Atypical, low-energy, or low trauma fractures of the femoral shaft have been reported in bisphosphonate-treated patients. These fractures can occur anywhere in the femoral shaft from just below the lesser trochanter to above the supracondylar flare and are traverse or short oblique in orientation without evidence of comminution. Causality has not been established as these fractures also occur in osteoporotic patients who have not been treated with bisphosphonates.

Atypical femur fractures most commonly occur with minimal or no trauma to the affected area. They may be bilateral and many patients report prodromal pain in the affected area, usually presenting as dull, aching thigh pain, weeks to months before a complete fracture occurs. A number of reports note that patients were also receiving treatment with glucocorticoids (for example, prednisone) at the time of fracture.

Any patient with a history of bisphosphonate exposure who presents with thigh or groin pain should be suspected of having an atypical fracture and should be evaluated to rule out an incomplete femur fracture. Patients presenting with an atypical fracture should also be assessed for symptoms and signs of fracture in the contralateral limb. Interruption of bisphosphonate therapy should be considered, pending a risk/benefit assessment, on an individual basis.

Renal Impairment

Risedronate sodium tablets are not recommended for use in patients with severe renal impairment (creatinine clearance less than 30 mL/min).

Laboratory Test Interactions

Bisphosphonates are known to interfere with the use of bone-imaging agents. Specific studies with Risedronate sodium tablets have not been performed.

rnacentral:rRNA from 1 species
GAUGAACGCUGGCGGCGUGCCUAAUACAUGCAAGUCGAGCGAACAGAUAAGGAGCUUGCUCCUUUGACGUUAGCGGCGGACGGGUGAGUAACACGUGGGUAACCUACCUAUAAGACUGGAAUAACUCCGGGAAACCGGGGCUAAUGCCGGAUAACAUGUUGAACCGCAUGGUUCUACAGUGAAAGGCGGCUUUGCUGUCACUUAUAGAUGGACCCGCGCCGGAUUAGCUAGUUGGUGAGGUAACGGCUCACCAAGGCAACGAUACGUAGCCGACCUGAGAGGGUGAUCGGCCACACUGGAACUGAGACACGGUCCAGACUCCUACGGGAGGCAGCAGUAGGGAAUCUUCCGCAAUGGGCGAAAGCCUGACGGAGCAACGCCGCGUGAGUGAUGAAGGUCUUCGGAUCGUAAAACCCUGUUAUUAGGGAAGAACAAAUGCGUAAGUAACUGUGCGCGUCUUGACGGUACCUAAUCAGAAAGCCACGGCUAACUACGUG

Adverse Reactions

Clinical Studies Experience

Because clinical trials are conducted under widely varying conditions, adverse reaction rates observed in the clinical trials of a drug cannot be directly compared to rates in the clinical trials of another drug and may not reflect the rates observed in practice.

Treatment of Postmenopausal Osteoporosis

Monthly Dosing

Two Consecutive Days per Month

The safety of  Risedronate sodium tablets 75 mg administered on two consecutive days per month for the treatment of postmenopausal osteoporosis was assessed in a double-blind, multicenter study in postmenopausal women aged 50 to 86 years. The duration of the trial was two years; 613 patients were exposed to  Risedronate sodium tablets 5 mg daily and 616 were exposed to  Risedronate sodium tablets 75 mg two consecutive days per month. Patients with pre-existing gastrointestinal disease and concomitant use of non-steroidal anti-inflammatory drugs, proton pump inhibitors, and H2 antagonists were included in this clinical trial. All women received 1000 mg of elemental calcium plus 400 to 800 international units of vitamin D supplementation per day.